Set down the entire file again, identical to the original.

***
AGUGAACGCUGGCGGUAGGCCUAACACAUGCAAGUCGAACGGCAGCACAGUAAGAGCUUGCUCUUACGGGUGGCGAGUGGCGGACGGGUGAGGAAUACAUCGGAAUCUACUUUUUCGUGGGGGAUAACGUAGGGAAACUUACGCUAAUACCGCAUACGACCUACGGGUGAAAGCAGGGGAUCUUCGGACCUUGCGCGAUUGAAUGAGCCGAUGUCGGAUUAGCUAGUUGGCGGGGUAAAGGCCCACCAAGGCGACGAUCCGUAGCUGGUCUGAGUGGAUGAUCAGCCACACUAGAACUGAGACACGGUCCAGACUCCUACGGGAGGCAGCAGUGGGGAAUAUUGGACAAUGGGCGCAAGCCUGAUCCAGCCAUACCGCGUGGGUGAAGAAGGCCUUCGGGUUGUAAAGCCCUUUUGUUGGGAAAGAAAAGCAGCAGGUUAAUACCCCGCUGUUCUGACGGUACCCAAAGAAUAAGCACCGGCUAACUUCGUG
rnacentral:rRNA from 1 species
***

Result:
AGUGAACGCUGGCGGUAGGCCUAACACAUGCAAGUCGAACGGCAGCACAGUAAGAGCUUGCUCUUACGGGUGGCGAGUGGCGGACGGGUGAGGAAUACAUCGGAAUCUACUUUUUCGUGGGGGAUAACGUAGGGAAACUUACGCUAAUACCGCAUACGACCUACGGGUGAAAGCAGGGGAUCUUCGGACCUUGCGCGAUUGAAUGAGCCGAUGUCGGAUUAGCUAGUUGGCGGGGUAAAGGCCCACCAAGGCGACGAUCCGUAGCUGGUCUGAGUGGAUGAUCAGCCACACUAGAACUGAGACACGGUCCAGACUCCUACGGGAGGCAGCAGUGGGGAAUAUUGGACAAUGGGCGCAAGCCUGAUCCAGCCAUACCGCGUGGGUGAAGAAGGCCUUCGGGUUGUAAAGCCCUUUUGUUGGGAAAGAAAAGCAGCAGGUUAAUACCCCGCUGUUCUGACGGUACCCAAAGAAUAAGCACCGGCUAACUUCGUG
rnacentral:rRNA from 1 species